MANILA - President Rodrigo Duterte has signed an executive order (EO) calling for the implementation of provisions of the Reproductive Health (RH) law that were not stopped temporarily by the Supreme Court, officials said Wednesday.
The nearly 2-year-old temporary restraining order (TRO) prohibits the Department of Health (DOH) from approving new registrations for contraceptives. It also stopped the government from promoting and distributing the hormonal contraceptives “Implanon” and “Implanon NXT.”
If the current registration of contraceptives expires without a final Supreme Court decision on legal challenges to the RH law, the government will be limited to offering tubal ligation, vasectomy and natural family planning methods, said JP Perez of the Commission on Population (POPCOM).
Duterte issued the order to "motivate, urge, and even pressure the Supreme Court to stop dilly-dallying" on the RH Law, National Economic and Development Authority Secretary-General Ernesto Pernia said.
The government wants to help Filipinos manage the size of their families to help bring down the poverty rate to as low as 14 percent by the end of Duterte's term in 2022, Pernia said.
"You don't want women to have unwanted babies because then, they would have difficulty raising their babies to their full potential," Pernia said.
"A year and a half is too long a wait... It (EO) is just telling the public, including the Supreme Court, that the government cannot continue to tolerate the delay in judgment," Pernia said.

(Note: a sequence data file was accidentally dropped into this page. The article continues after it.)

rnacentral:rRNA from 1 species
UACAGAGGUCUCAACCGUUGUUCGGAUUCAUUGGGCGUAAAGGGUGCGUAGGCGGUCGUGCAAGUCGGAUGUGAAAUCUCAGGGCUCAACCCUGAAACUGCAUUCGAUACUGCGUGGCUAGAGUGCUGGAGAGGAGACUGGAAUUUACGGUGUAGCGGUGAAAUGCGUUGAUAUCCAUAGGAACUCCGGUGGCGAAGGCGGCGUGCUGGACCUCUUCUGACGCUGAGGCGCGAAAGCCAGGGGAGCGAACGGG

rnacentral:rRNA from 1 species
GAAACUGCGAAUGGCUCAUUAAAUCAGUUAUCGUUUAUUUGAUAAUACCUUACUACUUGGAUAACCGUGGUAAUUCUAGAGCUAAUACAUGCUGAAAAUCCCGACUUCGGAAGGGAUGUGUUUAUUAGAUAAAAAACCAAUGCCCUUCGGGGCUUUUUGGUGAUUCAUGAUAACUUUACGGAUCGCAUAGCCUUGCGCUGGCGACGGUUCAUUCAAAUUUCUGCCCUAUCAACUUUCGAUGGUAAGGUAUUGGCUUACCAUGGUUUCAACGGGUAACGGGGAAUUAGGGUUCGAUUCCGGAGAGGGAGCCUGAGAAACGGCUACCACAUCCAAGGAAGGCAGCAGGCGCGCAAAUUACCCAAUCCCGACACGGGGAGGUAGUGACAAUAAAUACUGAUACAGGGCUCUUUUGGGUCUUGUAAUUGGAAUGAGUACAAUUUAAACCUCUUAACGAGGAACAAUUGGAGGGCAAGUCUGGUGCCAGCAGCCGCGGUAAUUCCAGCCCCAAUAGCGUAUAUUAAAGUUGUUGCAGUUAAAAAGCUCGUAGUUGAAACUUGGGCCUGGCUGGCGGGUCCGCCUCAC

Duterte instructed local government units and health officials to work with the POPCOM to "map out and identify women who are in need of family planning," he said.
"It will depend on the imagination and creativity of the local government executives. If they are imaginative and creative, they can find ways of implementing the RH law despite the TRO," he said.
Since the high court's TRO does not cover the private sector, the EO also urges non-government organizations and people's groups to make "modern family planning services and modern contraceptives be adopted by women of reproductive age," Pernia said.
Duterte's predecessor, Benigno "Noynoy" Aquino III, signed the RH Law in 2012, drawing the ire of the Church, as he sought to offer free condoms and other contraceptives to the poor.
The Philippine population is expected to reach 105.75 million by the end of 2017, the POPCOM said last month.
At least 1.69 million Filipinos births are expected in 2017. Three Filipino babies are projected to be born every minute this year.
"This trend is expected to continue up to 2022... due to the relatively high fertility rates of Filipino women," POPCOM said.
Each Filipina aged between 15 to 49 is expected to have an average of three children, it said.